Angelic Ek Balam
September 15th, 2020
A hand-carved sign welcomes us to Ek Balam, above an open gate to a wide dirt path leading into this Mayan site from the Pre-Classic and Classic periods (700-1100 AD). Mayan sites were often developed over centuries, with one structure built on top of another, extending their timeline beyond one period.
The path we’re on seems simple enough; wide and worn from countless footsteps. But this is a sacbe — the remnant of what was once a Mayan road, cleared of vegetation and built about 18 inches/45 cm above ground level, presumably to even out the irregularity of the jungle terrain.
Sacbeob (the plural form of the word) lead to all of the larger Mayan sites, Ek Balam included. There are two of them here which terminate at the crumbling stone walls surrounding the site. Sacbeob were a feat of engineering, not only because they were built through dense jungle but the stone used to build up and elevate them would have required a huge workforce and a lot of hours. There is also evidence that sacbeob may have been covered in stucco, rendering a smoother surface for whatever or whoever was traveling upon them.
Ek Balam’s entry arch is interesting for its angularity — not nearly as elegant as Roman versions that appeared centuries earlier, but still a striking shape in negative space at the entrance to the site. Perhaps there were torches and guardians at this outpost of Ek Balam.
An elevated stone path leads to the Oval Palace, built like a tiered wedding cake with graduated round forms leading to the temple at the top. At ground level, a series of doorways leading to rooms in the palace have perfectly cut heavy timber lintels supporting the stone above them. The tools and methods of construction used throughout the site are impossible to know completely, but craftsmanship is evident everywhere.
From the top of the Oval Palace, we see “the Twins” to the left in repeated forms with separate staircases leading up to elevated interiors under decaying roofs. King and queen? Brother and sister? No one knows for sure who used these duplicate structures but there are several rulers named in the carved stelae across the lawn from the Twins.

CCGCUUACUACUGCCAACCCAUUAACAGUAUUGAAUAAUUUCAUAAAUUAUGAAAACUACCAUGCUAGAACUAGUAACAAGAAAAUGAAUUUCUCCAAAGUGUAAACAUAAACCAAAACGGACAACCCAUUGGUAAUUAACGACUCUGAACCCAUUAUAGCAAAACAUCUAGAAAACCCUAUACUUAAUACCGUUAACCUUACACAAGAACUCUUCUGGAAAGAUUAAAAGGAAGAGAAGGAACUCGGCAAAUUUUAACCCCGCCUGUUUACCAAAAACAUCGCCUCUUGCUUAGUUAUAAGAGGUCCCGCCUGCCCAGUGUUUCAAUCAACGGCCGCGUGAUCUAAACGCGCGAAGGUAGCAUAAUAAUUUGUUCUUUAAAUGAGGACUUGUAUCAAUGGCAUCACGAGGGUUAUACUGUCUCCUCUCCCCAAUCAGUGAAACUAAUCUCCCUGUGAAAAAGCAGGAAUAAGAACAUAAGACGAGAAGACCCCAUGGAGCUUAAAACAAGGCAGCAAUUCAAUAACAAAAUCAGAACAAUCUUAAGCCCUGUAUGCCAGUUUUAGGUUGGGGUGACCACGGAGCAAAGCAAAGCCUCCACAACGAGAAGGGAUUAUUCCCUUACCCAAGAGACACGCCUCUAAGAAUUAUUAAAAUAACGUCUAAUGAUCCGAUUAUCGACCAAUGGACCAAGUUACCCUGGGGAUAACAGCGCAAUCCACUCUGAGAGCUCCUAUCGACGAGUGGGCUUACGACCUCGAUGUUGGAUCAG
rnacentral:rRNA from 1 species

North of the Twins, Ek Balam’s acropolis towers over the site in a six-story form around an ominous staircase of 106 steps. Mayan staircases run at a 45-degree angle — a bit steeper than the 37-degrees we’re used to. The steps are shallow as well, indicating that people living in the region were likely of smaller stature than today.
Standing at the base of a Mayan staircase is intimidating — muster your endurance, focus your attention and know that any misstep can result in an express route to the bottom.
From the top, the smaller structures of Ek Balam peek out from the landscape of endless jungle canopy extending to the horizon. It would be impossible to know if an enemy were approaching under the beautiful green blanket of foliage. Maybe then this acropolis was less about what was below and more about what was above — sky, stars, sun and moon, and the Mayan deities that influenced everyday life.
Ek Balam’s most notable feature sits under a thatched roof about halfway up the staircase. An elaborately carved stucco frieze adorns the wall of an interior chamber that was the tomb of Mayan ruler Ukit Kan Le’k Tok. The frieze is designed as the mouth of a deity with fangs jutting out from the lower platform. This is the only stucco frieze found in Mayan civilization so far.
Upon seeing the frieze I thought it was a recent work of art but its near perfect condition is due to it being behind stone walls until they were recently removed. I have to say, with climate change affecting the region more and more, I fear for the frieze being only somewhat protected at a high elevation. Hurricane-force winds could take the roof right off, leaving the frieze entirely exposed.
The finishing touch of this unique stucco frieze is the winged “angels” standing at the top — the only angels of known Mayan history. I would speculate … maybe these are The Twins? The reason for the duplicate structures? Maybe twins were an auspicious sign in Mayan culture; a rare gift from the gods; winged like sacred quetzals. We may never know for sure and that’s what’s so intriguing about Ek Balam and its cultural artifacts of Mayan history.
One thing we do know for sure is that the Mayans loved their ball game. Ek Balam has a nicely scaled court with angled side walls. The stone hoops have been lost to time but surely there were some spirited games here centuries ago in the land of the Black Jaguar, Ek Balam.
Tomorrow we meet Cobá.
Post of the Day: Adding a bit of light to the darkness as we get through the pandemic together. This series features travel photos from my archives, shared with you while staying close to home.